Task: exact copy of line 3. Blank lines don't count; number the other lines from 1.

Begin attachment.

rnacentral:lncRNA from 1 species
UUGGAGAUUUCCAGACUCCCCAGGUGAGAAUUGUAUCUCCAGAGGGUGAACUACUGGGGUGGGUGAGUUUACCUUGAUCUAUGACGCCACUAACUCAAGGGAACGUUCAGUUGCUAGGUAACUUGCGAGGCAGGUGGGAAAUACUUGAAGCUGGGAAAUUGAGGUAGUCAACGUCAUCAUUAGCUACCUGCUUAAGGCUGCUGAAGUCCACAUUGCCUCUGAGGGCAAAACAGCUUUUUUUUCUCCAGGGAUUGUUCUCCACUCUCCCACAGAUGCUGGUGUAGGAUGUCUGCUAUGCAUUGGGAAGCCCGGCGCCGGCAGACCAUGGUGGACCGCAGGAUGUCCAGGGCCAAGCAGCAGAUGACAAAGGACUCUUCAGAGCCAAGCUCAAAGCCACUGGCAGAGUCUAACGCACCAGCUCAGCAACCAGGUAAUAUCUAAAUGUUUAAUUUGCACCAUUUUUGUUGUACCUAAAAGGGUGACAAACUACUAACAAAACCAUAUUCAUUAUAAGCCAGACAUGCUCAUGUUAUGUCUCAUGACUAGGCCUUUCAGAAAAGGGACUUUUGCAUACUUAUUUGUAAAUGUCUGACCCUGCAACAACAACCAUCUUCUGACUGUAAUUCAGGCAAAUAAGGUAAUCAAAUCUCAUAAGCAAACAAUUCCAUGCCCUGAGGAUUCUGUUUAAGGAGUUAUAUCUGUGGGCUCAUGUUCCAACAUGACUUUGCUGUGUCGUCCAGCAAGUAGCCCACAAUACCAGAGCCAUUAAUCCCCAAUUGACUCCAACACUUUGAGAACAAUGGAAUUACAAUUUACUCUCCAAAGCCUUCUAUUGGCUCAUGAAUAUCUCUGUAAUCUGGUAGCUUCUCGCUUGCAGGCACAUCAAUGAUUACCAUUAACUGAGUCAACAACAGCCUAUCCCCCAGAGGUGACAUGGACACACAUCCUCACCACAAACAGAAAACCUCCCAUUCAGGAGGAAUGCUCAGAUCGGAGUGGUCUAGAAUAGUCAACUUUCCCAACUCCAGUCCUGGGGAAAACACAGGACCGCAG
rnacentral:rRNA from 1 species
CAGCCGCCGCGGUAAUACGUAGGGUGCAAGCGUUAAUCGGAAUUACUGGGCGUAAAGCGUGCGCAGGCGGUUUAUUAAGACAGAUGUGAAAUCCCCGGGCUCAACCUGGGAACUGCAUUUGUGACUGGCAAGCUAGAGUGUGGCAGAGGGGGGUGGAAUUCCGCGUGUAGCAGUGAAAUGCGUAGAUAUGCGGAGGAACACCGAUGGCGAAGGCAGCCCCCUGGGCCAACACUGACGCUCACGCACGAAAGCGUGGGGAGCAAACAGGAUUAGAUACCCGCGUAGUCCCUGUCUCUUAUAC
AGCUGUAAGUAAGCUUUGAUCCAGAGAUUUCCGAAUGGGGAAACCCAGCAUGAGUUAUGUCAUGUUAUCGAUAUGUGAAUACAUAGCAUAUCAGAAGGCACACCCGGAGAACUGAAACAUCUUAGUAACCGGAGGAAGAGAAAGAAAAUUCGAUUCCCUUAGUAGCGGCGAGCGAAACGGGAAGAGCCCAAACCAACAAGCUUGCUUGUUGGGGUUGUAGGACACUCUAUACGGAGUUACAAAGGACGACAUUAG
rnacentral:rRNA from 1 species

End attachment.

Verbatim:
rnacentral:rRNA from 1 species